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Biogen phase 2b study of natalizumab in acute ischemic stroke fails to meet endpoint

Cambridge, Massachusetts
Friday, February 9, 2018, 11:00 Hrs  [IST]

Biogen has announced that in the phase 2b dose-ranging ACTION 2 study in individuals with acute ischemic stroke (AIS), natalizumab did not demonstrate improvement in clinical outcomes compared to placebo. Both doses of natalizumab were generally well-tolerated and no new or important safety signals were observed. The results of the phase 2b ACTION 2 study do not impact the benefit-risk profile of natalizumab in approved indications, including multiple sclerosis.

“As pioneers in neuroscience, Biogen remains committed to developing treatments for people with acute neurological conditions including stroke,” said Michael Ehlers, executive vice president, research & development at Biogen. “While we are disappointed with the ACTION 2 study results, we have furthered our knowledge of the disease and will continue to pursue innovative approaches in this area, including BIIB093 (intravenous glibenclamide) for prevention and treatment of edema in large hemispheric infarction, one of the most severe types of stroke.”

In the middle of 2018, Biogen plans to initiate a global phase 3 study of BIIB093 in individuals with large hemispheric infarction, where brain swelling (cerebral edema) often leads to high morbidity and mortality.

ACTION 2 was a phase 2b multicenter, double-blind, placebo-controlled, randomized, dose-ranging study with a 90 day follow up to evaluate the safety and efficacy of natalizumab primarily in patients with moderate severity acute ischemic stroke (AIS). The study investigated natalizumab vs placebo in approximately 270 individuals who had a clinical diagnosis of AIS with last known normal (LKN) = 24 hours prior to treatment initiation. The study evaluated a 300 mg dose and a 600 mg dose versus placebo, both either within 9 hours of LKN or between 9-24 hours after LKN.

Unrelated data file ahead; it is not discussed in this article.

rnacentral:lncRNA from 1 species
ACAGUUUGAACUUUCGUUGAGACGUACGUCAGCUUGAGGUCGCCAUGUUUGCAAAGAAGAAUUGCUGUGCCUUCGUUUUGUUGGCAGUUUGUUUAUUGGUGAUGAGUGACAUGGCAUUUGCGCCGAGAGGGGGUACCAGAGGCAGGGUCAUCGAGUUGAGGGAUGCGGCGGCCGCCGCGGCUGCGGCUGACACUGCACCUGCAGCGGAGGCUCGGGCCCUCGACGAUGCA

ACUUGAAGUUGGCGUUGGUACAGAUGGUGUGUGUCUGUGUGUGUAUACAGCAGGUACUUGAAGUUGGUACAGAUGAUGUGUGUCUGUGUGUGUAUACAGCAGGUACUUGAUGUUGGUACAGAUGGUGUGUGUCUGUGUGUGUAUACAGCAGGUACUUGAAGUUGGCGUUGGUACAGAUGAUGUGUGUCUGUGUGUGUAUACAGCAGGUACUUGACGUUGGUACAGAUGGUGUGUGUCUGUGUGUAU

The primary objective of ACTION 2 was to assess the effects of natalizumab compared to placebo on clinical measures of independence and activities of daily living. The primary endpoint was a composite global measure of functional disability based on a score of 0 to 1 on a modified Rankin scale (mRS) and a score of = 95 on the Barthel Index (BI) at Day 90. The mRS measures independence with specific tasks pre- and post-stroke. BI is a scale that consists of 10 items that measure activities of daily living and mobility.

Natalizumab was previously evaluated in AIS in the phase 2a ACTION study. In this study, although natalizumab did not significantly decrease the primary endpoint of infarct volume at Day 5, secondary and exploratory endpoints suggested natalizumab treatment improved clinical outcomes compared with placebo which warranted further evaluation.

 

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